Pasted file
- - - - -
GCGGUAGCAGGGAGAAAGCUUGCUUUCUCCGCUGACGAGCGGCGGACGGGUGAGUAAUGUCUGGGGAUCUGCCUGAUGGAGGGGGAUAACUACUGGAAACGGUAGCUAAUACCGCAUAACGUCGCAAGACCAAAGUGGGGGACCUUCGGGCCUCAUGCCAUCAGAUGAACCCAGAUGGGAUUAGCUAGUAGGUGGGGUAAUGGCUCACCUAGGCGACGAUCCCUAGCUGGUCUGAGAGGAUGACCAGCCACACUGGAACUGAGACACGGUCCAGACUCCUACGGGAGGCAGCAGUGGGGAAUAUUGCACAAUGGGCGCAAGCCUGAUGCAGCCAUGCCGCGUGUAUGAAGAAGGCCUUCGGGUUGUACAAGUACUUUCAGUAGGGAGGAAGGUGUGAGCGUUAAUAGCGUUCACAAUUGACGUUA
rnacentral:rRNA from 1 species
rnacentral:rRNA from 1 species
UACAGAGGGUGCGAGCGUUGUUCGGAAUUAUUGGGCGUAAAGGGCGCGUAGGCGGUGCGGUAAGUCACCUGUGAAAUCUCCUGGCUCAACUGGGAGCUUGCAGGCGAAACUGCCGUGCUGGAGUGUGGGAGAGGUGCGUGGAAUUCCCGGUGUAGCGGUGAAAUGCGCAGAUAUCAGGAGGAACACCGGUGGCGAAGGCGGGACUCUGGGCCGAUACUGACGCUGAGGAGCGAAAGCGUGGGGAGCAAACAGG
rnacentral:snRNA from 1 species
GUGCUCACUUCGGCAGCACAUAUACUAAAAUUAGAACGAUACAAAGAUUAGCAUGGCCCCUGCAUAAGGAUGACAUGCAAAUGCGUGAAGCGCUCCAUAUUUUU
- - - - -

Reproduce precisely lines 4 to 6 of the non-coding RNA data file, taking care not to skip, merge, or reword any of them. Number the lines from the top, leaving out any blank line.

UACAGAGGGUGCGAGCGUUGUUCGGAAUUAUUGGGCGUAAAGGGCGCGUAGGCGGUGCGGUAAGUCACCUGUGAAAUCUCCUGGCUCAACUGGGAGCUUGCAGGCGAAACUGCCGUGCUGGAGUGUGGGAGAGGUGCGUGGAAUUCCCGGUGUAGCGGUGAAAUGCGCAGAUAUCAGGAGGAACACCGGUGGCGAAGGCGGGACUCUGGGCCGAUACUGACGCUGAGGAGCGAAAGCGUGGGGAGCAAACAGG
rnacentral:snRNA from 1 species
GUGCUCACUUCGGCAGCACAUAUACUAAAAUUAGAACGAUACAAAGAUUAGCAUGGCCCCUGCAUAAGGAUGACAUGCAAAUGCGUGAAGCGCUCCAUAUUUUU